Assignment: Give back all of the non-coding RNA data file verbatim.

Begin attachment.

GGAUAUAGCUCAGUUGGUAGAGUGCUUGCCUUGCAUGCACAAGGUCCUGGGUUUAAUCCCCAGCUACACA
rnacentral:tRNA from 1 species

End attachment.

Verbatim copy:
GGAUAUAGCUCAGUUGGUAGAGUGCUUGCCUUGCAUGCACAAGGUCCUGGGUUUAAUCCCCAGCUACACA
rnacentral:tRNA from 1 species